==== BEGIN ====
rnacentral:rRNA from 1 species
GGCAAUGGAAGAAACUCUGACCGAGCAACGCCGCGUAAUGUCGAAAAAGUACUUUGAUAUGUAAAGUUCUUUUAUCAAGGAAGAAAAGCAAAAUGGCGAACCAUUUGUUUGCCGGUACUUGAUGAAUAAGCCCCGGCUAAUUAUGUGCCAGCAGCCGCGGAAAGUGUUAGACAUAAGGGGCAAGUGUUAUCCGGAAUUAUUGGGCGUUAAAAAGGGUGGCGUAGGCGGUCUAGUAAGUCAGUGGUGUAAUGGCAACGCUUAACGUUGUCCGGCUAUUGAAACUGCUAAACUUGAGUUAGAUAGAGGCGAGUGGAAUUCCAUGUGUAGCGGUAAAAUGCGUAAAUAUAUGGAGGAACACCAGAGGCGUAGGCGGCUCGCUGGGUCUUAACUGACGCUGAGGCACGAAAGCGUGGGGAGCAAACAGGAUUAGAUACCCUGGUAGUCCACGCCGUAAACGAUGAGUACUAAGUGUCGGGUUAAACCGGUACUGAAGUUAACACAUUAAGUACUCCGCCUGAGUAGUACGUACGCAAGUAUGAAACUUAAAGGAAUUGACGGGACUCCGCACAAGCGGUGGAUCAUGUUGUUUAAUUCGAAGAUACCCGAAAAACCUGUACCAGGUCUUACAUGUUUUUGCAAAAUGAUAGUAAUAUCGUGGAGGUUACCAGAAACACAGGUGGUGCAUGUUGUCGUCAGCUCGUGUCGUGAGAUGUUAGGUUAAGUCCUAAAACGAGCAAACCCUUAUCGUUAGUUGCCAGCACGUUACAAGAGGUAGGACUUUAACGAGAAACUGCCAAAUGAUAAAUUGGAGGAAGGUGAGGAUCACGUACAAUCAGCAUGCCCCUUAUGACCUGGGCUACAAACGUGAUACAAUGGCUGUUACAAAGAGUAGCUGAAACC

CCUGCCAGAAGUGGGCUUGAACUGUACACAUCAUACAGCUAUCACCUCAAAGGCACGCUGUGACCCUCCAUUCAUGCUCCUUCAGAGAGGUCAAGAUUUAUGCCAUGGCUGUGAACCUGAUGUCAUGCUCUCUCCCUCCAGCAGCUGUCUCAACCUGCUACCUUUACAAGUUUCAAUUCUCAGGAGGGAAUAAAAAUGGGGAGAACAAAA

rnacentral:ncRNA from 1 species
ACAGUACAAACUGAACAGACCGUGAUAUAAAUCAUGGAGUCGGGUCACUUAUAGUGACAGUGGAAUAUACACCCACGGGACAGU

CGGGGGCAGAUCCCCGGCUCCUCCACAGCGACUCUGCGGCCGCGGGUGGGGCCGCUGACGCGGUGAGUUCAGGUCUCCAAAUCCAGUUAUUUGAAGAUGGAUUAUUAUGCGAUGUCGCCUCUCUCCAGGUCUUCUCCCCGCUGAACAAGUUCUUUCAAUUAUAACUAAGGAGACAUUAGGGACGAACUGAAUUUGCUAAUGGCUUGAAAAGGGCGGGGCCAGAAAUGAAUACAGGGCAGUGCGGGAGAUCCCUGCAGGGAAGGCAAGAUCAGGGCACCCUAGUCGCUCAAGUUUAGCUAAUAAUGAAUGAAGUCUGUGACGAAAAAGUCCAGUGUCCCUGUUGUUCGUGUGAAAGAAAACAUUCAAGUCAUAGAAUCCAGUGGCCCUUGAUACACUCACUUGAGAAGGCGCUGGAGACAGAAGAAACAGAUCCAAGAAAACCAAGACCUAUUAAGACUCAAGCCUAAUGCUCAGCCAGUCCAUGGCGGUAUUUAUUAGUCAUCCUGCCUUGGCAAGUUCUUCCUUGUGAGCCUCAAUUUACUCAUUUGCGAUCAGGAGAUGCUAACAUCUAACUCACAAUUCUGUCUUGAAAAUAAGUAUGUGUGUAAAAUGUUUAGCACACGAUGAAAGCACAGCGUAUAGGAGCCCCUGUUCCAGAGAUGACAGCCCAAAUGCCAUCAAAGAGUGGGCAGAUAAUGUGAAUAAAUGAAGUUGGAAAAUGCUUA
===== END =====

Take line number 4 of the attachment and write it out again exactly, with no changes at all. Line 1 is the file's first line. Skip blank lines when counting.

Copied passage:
rnacentral:ncRNA from 1 species